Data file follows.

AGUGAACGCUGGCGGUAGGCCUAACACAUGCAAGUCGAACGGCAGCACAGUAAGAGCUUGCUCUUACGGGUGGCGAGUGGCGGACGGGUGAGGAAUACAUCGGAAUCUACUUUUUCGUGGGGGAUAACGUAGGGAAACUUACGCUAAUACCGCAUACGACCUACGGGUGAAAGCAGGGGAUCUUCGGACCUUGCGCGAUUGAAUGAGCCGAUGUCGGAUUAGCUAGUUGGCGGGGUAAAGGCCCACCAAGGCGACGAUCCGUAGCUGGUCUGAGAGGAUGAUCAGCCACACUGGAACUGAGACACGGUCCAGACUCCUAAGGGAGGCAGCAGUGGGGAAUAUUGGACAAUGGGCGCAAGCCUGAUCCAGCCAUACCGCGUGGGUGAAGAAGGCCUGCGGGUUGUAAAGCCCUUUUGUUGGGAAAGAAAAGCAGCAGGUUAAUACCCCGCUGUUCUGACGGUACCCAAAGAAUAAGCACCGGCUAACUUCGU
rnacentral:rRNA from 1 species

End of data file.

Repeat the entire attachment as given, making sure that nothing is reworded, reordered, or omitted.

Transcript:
AGUGAACGCUGGCGGUAGGCCUAACACAUGCAAGUCGAACGGCAGCACAGUAAGAGCUUGCUCUUACGGGUGGCGAGUGGCGGACGGGUGAGGAAUACAUCGGAAUCUACUUUUUCGUGGGGGAUAACGUAGGGAAACUUACGCUAAUACCGCAUACGACCUACGGGUGAAAGCAGGGGAUCUUCGGACCUUGCGCGAUUGAAUGAGCCGAUGUCGGAUUAGCUAGUUGGCGGGGUAAAGGCCCACCAAGGCGACGAUCCGUAGCUGGUCUGAGAGGAUGAUCAGCCACACUGGAACUGAGACACGGUCCAGACUCCUAAGGGAGGCAGCAGUGGGGAAUAUUGGACAAUGGGCGCAAGCCUGAUCCAGCCAUACCGCGUGGGUGAAGAAGGCCUGCGGGUUGUAAAGCCCUUUUGUUGGGAAAGAAAAGCAGCAGGUUAAUACCCCGCUGUUCUGACGGUACCCAAAGAAUAAGCACCGGCUAACUUCGU
rnacentral:rRNA from 1 species